North Africa is traditionally said to be made up of eight countries: Egypt and Sudan, through Libya, Tunisia and Algeria to Morocco, Western Sahara and Mali in the west. Historically, it was made up of the areas of the Maghreb in the west and the Nile Valley, that have been ruled and fought over by Phoenicians, Egyptians, Romans, Islamic Caliphates, Ottoman Sultans, and French and Spanish colonists. We check out the 12 most incredible, fascinating historical destination in this unique corner of the world.
The Old Towns of Djenné in central Mali were once a key stop for the merchants taking slaves, salt and gold across the Sahara to the medinas of Morocco. The adobe buildings are made from mud bricks baked hard in the sun and structured around great log scaffolds and palm fronds that jut out from the walls. UNESCO describes the Old Towns as making up one of the most beautiful cities in Africa, with the Djenné-Djeno area dating back to around 200 BC. In the 15th and 16th centuries the area was famed for its madrassas and Islamic scholarship – the Great Mosque built in 1906 is the great centerpiece of the Towns.
Now abandoned, Ait Benhaddou was once a ksar, or magnificent fortified city in the foothills of the Atlas Mountains in Morocco on the old caravan route from Sudan to Marrakech. Built from baked earth, its high defensive walls, watch towers and clusters of castellated houses were built from the 17th century onwards. Mosques, religious sanctuaries, marketplaces and Jewish and Islamic cemeteries now stand disused in the city that rises above the surrounding landscape. If the picture looks familiar, it’s because Ait Benhaddou has often been used as a filming location in Game of Thrones, Gladiator, and The Living Daylights.
Leptis Magna to the east of Tripoli on the Mediterranean coast is one of the best preserved of all Roman cities. Originally, it was a Berber settlement, then held by the Carthaginians before falling to Rome following the Punic Wars. At the end of the 2nd century AD its wealth grew when the native Septimus Severus became emperor. He lavished wealth and buildings on Leptis Magna, including the forum, basilica, theatre and amphitheatre that stand today and the arch of Septimus Severus. From there, lions were sent to perform in the Colosseum in Rome.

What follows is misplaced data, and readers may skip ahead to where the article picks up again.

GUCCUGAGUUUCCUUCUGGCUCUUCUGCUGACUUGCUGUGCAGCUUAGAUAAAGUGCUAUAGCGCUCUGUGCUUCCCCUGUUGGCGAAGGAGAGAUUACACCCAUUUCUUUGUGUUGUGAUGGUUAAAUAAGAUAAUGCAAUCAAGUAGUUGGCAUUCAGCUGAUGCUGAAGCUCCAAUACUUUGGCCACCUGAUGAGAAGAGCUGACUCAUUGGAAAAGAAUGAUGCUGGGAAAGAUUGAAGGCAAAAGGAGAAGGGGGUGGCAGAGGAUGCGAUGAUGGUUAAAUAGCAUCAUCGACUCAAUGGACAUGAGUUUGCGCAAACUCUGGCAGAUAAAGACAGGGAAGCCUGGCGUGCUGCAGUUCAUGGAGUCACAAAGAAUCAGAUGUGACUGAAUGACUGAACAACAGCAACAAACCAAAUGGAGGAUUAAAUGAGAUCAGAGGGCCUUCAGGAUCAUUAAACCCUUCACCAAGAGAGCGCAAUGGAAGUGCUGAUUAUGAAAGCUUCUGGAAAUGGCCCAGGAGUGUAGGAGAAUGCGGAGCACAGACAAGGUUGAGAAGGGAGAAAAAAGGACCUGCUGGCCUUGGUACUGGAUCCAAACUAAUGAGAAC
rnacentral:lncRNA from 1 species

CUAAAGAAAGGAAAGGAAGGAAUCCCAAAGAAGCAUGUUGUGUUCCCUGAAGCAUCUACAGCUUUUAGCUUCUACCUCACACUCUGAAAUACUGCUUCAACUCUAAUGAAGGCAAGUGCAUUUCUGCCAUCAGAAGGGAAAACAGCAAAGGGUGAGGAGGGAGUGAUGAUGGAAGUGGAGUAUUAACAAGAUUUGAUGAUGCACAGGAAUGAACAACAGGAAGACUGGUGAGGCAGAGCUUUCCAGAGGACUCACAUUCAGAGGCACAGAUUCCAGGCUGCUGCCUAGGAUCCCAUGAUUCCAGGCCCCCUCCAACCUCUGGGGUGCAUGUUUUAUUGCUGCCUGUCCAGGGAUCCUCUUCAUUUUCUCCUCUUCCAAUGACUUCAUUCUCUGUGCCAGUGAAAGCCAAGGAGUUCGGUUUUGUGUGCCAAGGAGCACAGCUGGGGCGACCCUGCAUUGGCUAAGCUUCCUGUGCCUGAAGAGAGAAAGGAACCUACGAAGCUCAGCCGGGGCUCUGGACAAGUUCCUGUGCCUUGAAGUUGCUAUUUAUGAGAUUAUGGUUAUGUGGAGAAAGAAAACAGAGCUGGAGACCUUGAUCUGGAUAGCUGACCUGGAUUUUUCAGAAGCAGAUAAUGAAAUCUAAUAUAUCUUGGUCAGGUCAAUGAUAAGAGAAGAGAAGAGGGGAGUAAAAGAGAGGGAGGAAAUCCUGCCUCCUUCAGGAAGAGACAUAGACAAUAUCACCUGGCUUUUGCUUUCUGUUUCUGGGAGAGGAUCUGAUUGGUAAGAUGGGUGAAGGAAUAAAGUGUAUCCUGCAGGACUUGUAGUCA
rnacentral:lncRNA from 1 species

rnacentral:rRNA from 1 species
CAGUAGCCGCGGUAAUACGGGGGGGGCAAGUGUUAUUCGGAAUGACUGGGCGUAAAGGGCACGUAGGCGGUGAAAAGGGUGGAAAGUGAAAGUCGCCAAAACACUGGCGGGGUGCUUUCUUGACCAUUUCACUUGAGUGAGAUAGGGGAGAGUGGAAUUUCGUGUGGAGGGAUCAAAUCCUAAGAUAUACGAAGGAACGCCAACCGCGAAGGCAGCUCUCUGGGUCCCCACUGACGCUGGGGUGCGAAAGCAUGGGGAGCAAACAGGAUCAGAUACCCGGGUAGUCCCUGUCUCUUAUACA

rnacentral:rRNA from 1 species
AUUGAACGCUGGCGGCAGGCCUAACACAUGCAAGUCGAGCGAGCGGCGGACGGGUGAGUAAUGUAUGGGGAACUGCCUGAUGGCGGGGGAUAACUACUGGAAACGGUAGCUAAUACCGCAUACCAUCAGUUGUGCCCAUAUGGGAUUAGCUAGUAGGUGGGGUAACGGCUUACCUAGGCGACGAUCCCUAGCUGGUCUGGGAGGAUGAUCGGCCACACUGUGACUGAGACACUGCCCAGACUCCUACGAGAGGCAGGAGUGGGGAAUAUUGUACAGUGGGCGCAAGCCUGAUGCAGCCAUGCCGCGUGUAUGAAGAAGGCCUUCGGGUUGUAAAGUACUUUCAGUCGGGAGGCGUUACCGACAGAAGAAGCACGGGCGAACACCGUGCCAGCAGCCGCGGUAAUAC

Deep in the Egyptian desert lies the oasis of Siwa, a place of date palms and olive groves. So isolated is Siwa that over millennia it developed its own culture that included a language derived from Berber and the widespread practice of same-sex marriage, whilst Islam was rejected for many centuries. The history of Siwa begins in the 10th millennium BC before it was settled by Egyptians and a temple for the oracle of Amun was established, the latter visited by Alexander the Great. Its ruins still stand along with those of the ancient fortress of Siwa, the Shalil. In the Second World War, it was used as a base for British Special Forces.
Essaouira, on the Atlantic coast of Morocco, has been a vital trading post since the Carthaginian era, fought over and defended by French, Portuguese and Moroccan forces. In the 16th century the Portuguese established the short-lived fortress of Castelo Real de Mogador at Essaouira, only to be forced away by the Moroccans. The modern walled city was built in the 1760s by Sultan Mohammed III of Morocco using European engineers including a mysterious Englishman named Ahmed el Inglezi. Citadels and ramparts soar above souks and ornate buildings used in the 19th century by British, Dutch, and Spanish diplomats who came to negotiate trading concessions.
Despite the Pyramids being the iconic image, the Karnak temple complex at Luxor is probably the most spectacular site of ancient Egypt. Karnak was added to by over 30 Pharaohs from 18 dynasties across a period spanning from the beginning of the Middle Kingdom up until the Ptolemaic era and the Roman conquest of Egypt, a timespan of well over 1000 years. The remains of temples and pylons, huge columns and frescoes inscribed with hieroglyphs, and obelisks and statues of gods and Pharaohs still remain, including the famous precinct dedicated to Amun-Re.